HPH322 : An EnerPHit standard retrofit of a Victorian mid terrace home – with Guy Hargreaves
Homeowner Guy Hargreaves reflects on adapting and expanding his Victorian mid terrace home, retrofitting the whole building to EnerPHit standard.
Interview with Guy Hargreaves
Initially we chatted with Guy Hargreaves (episode 297) about his aspirations for upgrading his period property for energy efficiency, comfort and to future-proof it for a less hospitable climate. He had gone through the design process and gained planning consent to adapt and extend the property, and targeted Passivhaus standard (largely helped by the form or shape of the building) for the project.
In this episode Guy returns after the renovation and reflects on the construction stage as well describing what the house has been like to live in.
Guy has been fantastic in sharing the journey in our membership community, The Hub.
Go behind the scenes of this deep retrofit. Get access to our in-depth video case study in The Hub
Access issues meant a lot of manual labour
The project began in February 2021 with the strip-out but initially everything had to be removed through the front door! As the one-way street was narrow construction waste had to be dealt with immediately, so it was placed into the back of a truck, driven to the builders' yard and sorted there.
Access improved after a ‘win win' arrangement
As time went by, Guy managed to negotiate access through a private car park at the rear (on an adjacent road). In return he offered to resurface the car park at the end of the process, fix the lights and replace the fence.
Before the renovation
Visualisation of the proposed scheme (at the rear)
New foundations were prepared for the extension
At the rear of the property a small lean-to extension was demolished and fresh foundations were dug for the new extension which would be the width of the property. A digger was craned into the garden from the car park to make the excavation work easier.
Tonnes of soil was removed to prepare for the new foundation.
Then the concrete went in, followed by a layer of insulation and a floating concrete slab.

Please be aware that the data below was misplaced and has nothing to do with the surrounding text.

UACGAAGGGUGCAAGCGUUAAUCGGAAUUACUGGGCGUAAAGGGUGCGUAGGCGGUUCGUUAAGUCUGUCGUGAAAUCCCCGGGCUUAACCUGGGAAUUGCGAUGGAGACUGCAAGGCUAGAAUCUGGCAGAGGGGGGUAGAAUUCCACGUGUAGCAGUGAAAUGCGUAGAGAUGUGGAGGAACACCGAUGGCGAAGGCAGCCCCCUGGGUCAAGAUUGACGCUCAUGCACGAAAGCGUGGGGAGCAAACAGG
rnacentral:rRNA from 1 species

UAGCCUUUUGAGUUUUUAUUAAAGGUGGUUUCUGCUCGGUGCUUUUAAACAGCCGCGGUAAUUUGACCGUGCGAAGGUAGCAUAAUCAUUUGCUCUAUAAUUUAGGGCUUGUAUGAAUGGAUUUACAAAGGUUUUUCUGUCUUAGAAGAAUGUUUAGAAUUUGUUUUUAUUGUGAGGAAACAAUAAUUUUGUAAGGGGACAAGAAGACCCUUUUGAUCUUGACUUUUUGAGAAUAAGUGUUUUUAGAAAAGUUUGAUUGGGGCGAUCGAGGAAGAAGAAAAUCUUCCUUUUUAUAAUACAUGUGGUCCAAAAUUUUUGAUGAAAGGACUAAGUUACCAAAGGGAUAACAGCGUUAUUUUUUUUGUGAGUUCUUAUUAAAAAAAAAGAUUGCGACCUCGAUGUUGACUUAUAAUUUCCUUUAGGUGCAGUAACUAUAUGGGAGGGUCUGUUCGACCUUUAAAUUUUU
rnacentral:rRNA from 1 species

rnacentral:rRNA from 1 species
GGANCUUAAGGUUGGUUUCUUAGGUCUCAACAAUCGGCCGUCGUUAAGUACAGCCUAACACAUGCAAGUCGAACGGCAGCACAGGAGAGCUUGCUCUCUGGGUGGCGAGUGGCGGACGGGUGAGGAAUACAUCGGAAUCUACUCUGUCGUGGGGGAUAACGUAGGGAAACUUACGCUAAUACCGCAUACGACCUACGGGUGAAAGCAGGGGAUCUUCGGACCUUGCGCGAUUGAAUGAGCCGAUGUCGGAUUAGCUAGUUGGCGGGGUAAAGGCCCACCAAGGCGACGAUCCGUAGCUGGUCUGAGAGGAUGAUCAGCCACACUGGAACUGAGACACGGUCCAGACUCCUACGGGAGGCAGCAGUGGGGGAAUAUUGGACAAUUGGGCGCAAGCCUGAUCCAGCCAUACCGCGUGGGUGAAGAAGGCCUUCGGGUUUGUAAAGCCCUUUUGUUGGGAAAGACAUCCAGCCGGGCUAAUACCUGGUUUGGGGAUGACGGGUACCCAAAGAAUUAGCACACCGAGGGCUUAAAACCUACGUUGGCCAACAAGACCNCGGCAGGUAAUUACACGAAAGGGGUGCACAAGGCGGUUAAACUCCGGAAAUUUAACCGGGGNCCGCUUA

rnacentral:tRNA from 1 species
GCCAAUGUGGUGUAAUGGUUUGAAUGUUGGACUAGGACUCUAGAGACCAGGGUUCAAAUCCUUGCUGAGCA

Steels help open up the old house, but were not necessary for the retrofit
A key element of the brief was to open up the space and so a couple of walls on the ground floor had to go. Structural steels spanning the width of the house were added to take the loads from above.
Some steels already existed in the house from previous renovations but these needed to be replaced.
A contingency is always essential on a retrofit
It is impossible to predict everything that may crop up during a retrofit which is why a healthy contingency fund is always required. One ‘nasty' on this project was the condition of the bay.
Although a homeowner's survey was conducted when the property was purchased it did not flag up any issues. However as the building was stripped back cracks around the windows and crumbling brickwork were revealed, and it became clear that a structural engineer would have to take a closer look.
The outcome was that the bay needed to be rebuilt at ground level with some underpinning necessary at basement level.
Insulation and airtightness strategies change around the building
With a mixture of new and old, brick and timber, combined with planning constraints the technical design utilises several difficult wall build-ups. For example, at the front of the property the appearance had to be preserved and so an internal wall insulation strategy was necessary. This breathable build-up has several layers including a diathonite plaster (the airtightness layer), wood fibre board and a lime based plaster.
The ceiling height in the basement was not as generous as the floors above but removing a 75mm screed layer gave them a bit of wiggle room to add 40mm of rigid insulation.
Up in the attic room rigid insulation was used in the roof. And at the back of the house softer wool batts were filled the timber frame.
Larsen truss built on site for rear extension
The new extension is timber frame and uses a twin stud Larsen truss (300mm) to create a decent size cavity for the required insulation. Cutting and erecting it on site is a simple and cost effective route to achieve high performance.
The room at the top of the house was expanded
A previous owner had converted the loft but the sloping ceilings made it slightly awkward space so Guy planned to open it up on the garden side (south side), which also affords the best view in the house.
The skylights before the renovation
Guy understood the overheating risk of the dormer room
That whole south side we glazed in a rather aggressive and somewhat controversial scheme that is going to be a work in progress over time because that dormer is the top of the house… The heat in the house tends to rise into the dormer and add to the solar gain.
External blinds will be installed if ever needed
While over-glazing will lead to overheating Guy did not have his eyes closed. Instead he made sure that there was a strong back-up plan. So there were plenty of window ventilation options as well a reverse cycle heat pump, which can be used for cooling. However, if the temperature becomes unbearable then the ultimate solution will be external shading.